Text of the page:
It’s no secret that we love (or, when we’re feeling less positive, tolerate) WordPress. It’s our go-to Content Management System (CMS) for the websites that we design and develop. Its usage is so widespread finding answers to questions is easy. If you’re running into an issue, it’s fairly likely that someone else has hit that same wall and written about how they solved the problem. The wisdom of the crowd in the WordPress community is very real and the biggest draw from our perspective.
WordPress’s plugin ecosystem is another asset that will resolve many of your issues. Plugins are little (sometimes not so little) bits of self-contained code that are designed to add (or extend) specific functionality in WordPress. Out of the box, WordPress is great for the tasks that it was designed for: blog and page content management. More advanced sites will often require functionality for which WordPress wasn’t originally built.
For example, a concert venue will probably want an event calendar on its website. There are ways that you could cobble together a workable solution using only WordPress’ built-in tools, but it probably won’t be the most user-friendly administrative back-end for the venue to actually use on a day-to-day basis. Thankfully, there are many events and calendar management plugins out there. So many, in fact, that it can be a challenge to choose the plugin that is the right fit for that particular job and client.
We try to be aggressive about limiting the number of plugins that we use because with every plugin that you add to a site, you are adding a potential source of failure (and another variable that you will need to test if/when your site stops working). When choosing plugins, it’s extremely important to pay attention to who is developing it and how popular it is (more active site installs = more popular). It’s like shopping for shoes online. Check the reviews! If it’s a great plugin, the numbers will reflect that but, if it’s has terrible reviews, it’s probably going to be more of a headache to use than it is worth.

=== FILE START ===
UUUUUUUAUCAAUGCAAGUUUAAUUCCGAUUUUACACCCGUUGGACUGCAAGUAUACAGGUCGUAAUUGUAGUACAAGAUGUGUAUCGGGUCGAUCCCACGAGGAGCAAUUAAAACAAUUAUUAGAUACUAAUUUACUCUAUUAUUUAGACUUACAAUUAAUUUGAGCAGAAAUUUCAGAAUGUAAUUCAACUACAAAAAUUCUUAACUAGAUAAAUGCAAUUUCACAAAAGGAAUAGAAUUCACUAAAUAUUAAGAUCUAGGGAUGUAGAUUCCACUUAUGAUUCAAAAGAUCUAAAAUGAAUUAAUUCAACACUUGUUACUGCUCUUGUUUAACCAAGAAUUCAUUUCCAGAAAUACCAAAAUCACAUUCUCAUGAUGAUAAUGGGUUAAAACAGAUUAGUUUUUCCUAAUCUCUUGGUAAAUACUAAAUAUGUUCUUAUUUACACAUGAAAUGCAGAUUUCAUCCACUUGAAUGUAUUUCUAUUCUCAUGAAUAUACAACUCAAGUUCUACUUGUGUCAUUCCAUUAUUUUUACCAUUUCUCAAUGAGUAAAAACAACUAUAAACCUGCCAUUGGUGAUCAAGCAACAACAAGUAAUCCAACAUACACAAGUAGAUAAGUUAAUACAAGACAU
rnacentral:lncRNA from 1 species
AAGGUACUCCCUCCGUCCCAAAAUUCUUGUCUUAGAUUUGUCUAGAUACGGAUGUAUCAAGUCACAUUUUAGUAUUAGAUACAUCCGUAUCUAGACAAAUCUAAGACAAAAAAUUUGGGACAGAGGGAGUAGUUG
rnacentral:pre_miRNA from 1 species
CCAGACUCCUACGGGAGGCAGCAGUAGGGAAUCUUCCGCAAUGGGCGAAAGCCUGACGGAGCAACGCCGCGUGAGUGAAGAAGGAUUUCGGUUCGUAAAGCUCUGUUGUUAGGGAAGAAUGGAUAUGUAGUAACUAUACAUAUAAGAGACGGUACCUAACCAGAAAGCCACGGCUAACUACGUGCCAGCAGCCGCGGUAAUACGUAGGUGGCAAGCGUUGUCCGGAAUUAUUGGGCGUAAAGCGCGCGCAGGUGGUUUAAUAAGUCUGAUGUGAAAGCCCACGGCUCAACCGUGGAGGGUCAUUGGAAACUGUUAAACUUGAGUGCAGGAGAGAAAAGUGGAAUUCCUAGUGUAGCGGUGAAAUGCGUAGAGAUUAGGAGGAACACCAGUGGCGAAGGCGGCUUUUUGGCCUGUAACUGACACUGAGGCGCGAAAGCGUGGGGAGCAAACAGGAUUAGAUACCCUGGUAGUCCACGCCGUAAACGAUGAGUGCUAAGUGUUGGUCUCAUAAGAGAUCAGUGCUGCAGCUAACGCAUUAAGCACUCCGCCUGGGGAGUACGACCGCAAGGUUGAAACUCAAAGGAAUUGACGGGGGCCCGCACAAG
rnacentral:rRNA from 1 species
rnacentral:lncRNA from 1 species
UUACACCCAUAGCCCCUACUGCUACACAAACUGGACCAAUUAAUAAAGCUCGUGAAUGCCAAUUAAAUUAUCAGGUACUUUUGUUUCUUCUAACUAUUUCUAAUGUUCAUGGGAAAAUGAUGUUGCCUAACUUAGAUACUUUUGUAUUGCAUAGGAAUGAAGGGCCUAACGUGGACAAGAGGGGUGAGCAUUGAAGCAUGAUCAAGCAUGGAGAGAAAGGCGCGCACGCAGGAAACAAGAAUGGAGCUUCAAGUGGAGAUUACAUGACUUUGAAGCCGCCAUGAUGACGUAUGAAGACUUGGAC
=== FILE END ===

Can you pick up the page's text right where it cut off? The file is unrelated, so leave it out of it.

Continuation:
When was the plugin last updated? This is also an important indicator. WordPress changes its features fairly regularly and, as you might expect, if a plugin hasn’t been updated for a couple of years, it almost assuredly won’t support the newer features that WordPress has added since it was last updated. Another potential downside to out-of-date plugins is that they can potentially become security issues for your site. By its nature, the internet changes fast and security vulnerabilities pop up every day. A developer who keeps their plugins updated should be making sure that their plugin not only does what it does well but that it also doesn’t introduce vectors of infection or malware to your site.
Slightly less worrisome than site-killing security errors is potential performance issues that stale plugins could introduce. No one wants to have a site that is slow to load, but if a plugin hasn’t been updated in line with WordPress best practices, it could be doing things in a very un-optimized manner that could really weigh down your site’s load times.
WordPress plugins are an integral component of its offerings – equally beloved and maligned by users. They can be a life-saver when you run out of options, but they can also cripple your website. It is tempting to dump a ton of functionality into your website using them, but we urge that you use restraint since it can be very easy to “over-egg the pudding.”